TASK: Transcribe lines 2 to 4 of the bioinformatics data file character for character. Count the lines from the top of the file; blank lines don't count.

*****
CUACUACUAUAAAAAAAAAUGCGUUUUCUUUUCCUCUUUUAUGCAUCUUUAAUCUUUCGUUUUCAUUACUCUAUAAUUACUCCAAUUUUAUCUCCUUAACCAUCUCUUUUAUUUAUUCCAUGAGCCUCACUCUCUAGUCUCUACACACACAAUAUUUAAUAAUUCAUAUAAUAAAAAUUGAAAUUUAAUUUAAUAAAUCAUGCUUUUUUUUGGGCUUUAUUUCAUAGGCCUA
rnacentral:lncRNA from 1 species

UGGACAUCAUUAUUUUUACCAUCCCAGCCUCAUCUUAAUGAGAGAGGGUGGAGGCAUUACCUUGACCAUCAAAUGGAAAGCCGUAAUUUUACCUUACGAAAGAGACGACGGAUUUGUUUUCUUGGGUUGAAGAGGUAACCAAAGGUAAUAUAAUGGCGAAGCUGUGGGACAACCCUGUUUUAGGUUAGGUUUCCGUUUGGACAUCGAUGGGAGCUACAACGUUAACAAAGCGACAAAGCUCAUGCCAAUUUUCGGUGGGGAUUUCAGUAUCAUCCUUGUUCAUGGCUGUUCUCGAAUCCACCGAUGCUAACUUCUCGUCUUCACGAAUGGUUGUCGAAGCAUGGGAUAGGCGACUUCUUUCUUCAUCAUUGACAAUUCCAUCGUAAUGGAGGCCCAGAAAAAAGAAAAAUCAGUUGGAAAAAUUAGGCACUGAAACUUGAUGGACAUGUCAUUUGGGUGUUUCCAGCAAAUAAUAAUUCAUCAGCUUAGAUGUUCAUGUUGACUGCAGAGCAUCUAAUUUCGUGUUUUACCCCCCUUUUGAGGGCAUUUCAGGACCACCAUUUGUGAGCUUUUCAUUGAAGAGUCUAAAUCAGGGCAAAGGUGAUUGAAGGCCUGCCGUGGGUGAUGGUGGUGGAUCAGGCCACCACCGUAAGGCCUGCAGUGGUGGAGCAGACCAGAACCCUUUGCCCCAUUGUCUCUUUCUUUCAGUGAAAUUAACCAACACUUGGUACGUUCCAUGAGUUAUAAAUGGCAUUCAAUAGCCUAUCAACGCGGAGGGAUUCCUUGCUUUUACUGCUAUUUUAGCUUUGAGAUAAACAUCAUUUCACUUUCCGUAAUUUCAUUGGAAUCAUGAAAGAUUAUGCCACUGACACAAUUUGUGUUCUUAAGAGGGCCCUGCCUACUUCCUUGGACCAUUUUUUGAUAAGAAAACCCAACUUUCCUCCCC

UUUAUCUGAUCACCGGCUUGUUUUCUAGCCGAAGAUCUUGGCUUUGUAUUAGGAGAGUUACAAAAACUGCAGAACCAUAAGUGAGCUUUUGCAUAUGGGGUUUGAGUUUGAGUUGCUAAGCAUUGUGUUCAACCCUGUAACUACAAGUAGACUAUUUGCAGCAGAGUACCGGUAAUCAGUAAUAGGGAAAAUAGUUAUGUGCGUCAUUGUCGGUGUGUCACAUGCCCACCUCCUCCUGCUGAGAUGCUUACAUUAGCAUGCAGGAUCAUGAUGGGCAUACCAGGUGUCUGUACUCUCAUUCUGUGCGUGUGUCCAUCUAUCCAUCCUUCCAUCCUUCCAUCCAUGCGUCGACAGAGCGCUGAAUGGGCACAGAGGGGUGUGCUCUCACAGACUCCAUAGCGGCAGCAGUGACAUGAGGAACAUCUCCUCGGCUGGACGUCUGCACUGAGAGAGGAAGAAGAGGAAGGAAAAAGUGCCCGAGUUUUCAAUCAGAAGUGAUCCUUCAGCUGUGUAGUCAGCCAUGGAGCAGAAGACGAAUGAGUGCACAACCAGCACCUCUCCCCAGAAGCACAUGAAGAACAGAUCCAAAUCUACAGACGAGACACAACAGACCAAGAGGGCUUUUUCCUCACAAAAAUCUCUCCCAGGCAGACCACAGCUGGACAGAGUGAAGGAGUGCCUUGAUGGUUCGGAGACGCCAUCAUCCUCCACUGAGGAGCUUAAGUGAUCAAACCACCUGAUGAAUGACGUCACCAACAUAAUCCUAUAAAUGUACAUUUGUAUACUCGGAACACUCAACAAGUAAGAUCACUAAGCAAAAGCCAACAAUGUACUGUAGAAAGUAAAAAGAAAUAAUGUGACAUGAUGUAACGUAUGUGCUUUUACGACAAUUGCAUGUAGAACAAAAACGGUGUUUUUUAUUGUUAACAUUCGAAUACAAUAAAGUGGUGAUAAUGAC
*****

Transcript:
rnacentral:lncRNA from 1 species

UGGACAUCAUUAUUUUUACCAUCCCAGCCUCAUCUUAAUGAGAGAGGGUGGAGGCAUUACCUUGACCAUCAAAUGGAAAGCCGUAAUUUUACCUUACGAAAGAGACGACGGAUUUGUUUUCUUGGGUUGAAGAGGUAACCAAAGGUAAUAUAAUGGCGAAGCUGUGGGACAACCCUGUUUUAGGUUAGGUUUCCGUUUGGACAUCGAUGGGAGCUACAACGUUAACAAAGCGACAAAGCUCAUGCCAAUUUUCGGUGGGGAUUUCAGUAUCAUCCUUGUUCAUGGCUGUUCUCGAAUCCACCGAUGCUAACUUCUCGUCUUCACGAAUGGUUGUCGAAGCAUGGGAUAGGCGACUUCUUUCUUCAUCAUUGACAAUUCCAUCGUAAUGGAGGCCCAGAAAAAAGAAAAAUCAGUUGGAAAAAUUAGGCACUGAAACUUGAUGGACAUGUCAUUUGGGUGUUUCCAGCAAAUAAUAAUUCAUCAGCUUAGAUGUUCAUGUUGACUGCAGAGCAUCUAAUUUCGUGUUUUACCCCCCUUUUGAGGGCAUUUCAGGACCACCAUUUGUGAGCUUUUCAUUGAAGAGUCUAAAUCAGGGCAAAGGUGAUUGAAGGCCUGCCGUGGGUGAUGGUGGUGGAUCAGGCCACCACCGUAAGGCCUGCAGUGGUGGAGCAGACCAGAACCCUUUGCCCCAUUGUCUCUUUCUUUCAGUGAAAUUAACCAACACUUGGUACGUUCCAUGAGUUAUAAAUGGCAUUCAAUAGCCUAUCAACGCGGAGGGAUUCCUUGCUUUUACUGCUAUUUUAGCUUUGAGAUAAACAUCAUUUCACUUUCCGUAAUUUCAUUGGAAUCAUGAAAGAUUAUGCCACUGACACAAUUUGUGUUCUUAAGAGGGCCCUGCCUACUUCCUUGGACCAUUUUUUGAUAAGAAAACCCAACUUUCCUCCCC

UUUAUCUGAUCACCGGCUUGUUUUCUAGCCGAAGAUCUUGGCUUUGUAUUAGGAGAGUUACAAAAACUGCAGAACCAUAAGUGAGCUUUUGCAUAUGGGGUUUGAGUUUGAGUUGCUAAGCAUUGUGUUCAACCCUGUAACUACAAGUAGACUAUUUGCAGCAGAGUACCGGUAAUCAGUAAUAGGGAAAAUAGUUAUGUGCGUCAUUGUCGGUGUGUCACAUGCCCACCUCCUCCUGCUGAGAUGCUUACAUUAGCAUGCAGGAUCAUGAUGGGCAUACCAGGUGUCUGUACUCUCAUUCUGUGCGUGUGUCCAUCUAUCCAUCCUUCCAUCCUUCCAUCCAUGCGUCGACAGAGCGCUGAAUGGGCACAGAGGGGUGUGCUCUCACAGACUCCAUAGCGGCAGCAGUGACAUGAGGAACAUCUCCUCGGCUGGACGUCUGCACUGAGAGAGGAAGAAGAGGAAGGAAAAAGUGCCCGAGUUUUCAAUCAGAAGUGAUCCUUCAGCUGUGUAGUCAGCCAUGGAGCAGAAGACGAAUGAGUGCACAACCAGCACCUCUCCCCAGAAGCACAUGAAGAACAGAUCCAAAUCUACAGACGAGACACAACAGACCAAGAGGGCUUUUUCCUCACAAAAAUCUCUCCCAGGCAGACCACAGCUGGACAGAGUGAAGGAGUGCCUUGAUGGUUCGGAGACGCCAUCAUCCUCCACUGAGGAGCUUAAGUGAUCAAACCACCUGAUGAAUGACGUCACCAACAUAAUCCUAUAAAUGUACAUUUGUAUACUCGGAACACUCAACAAGUAAGAUCACUAAGCAAAAGCCAACAAUGUACUGUAGAAAGUAAAAAGAAAUAAUGUGACAUGAUGUAACGUAUGUGCUUUUACGACAAUUGCAUGUAGAACAAAAACGGUGUUUUUUAUUGUUAACAUUCGAAUACAAUAAAGUGGUGAUAAUGAC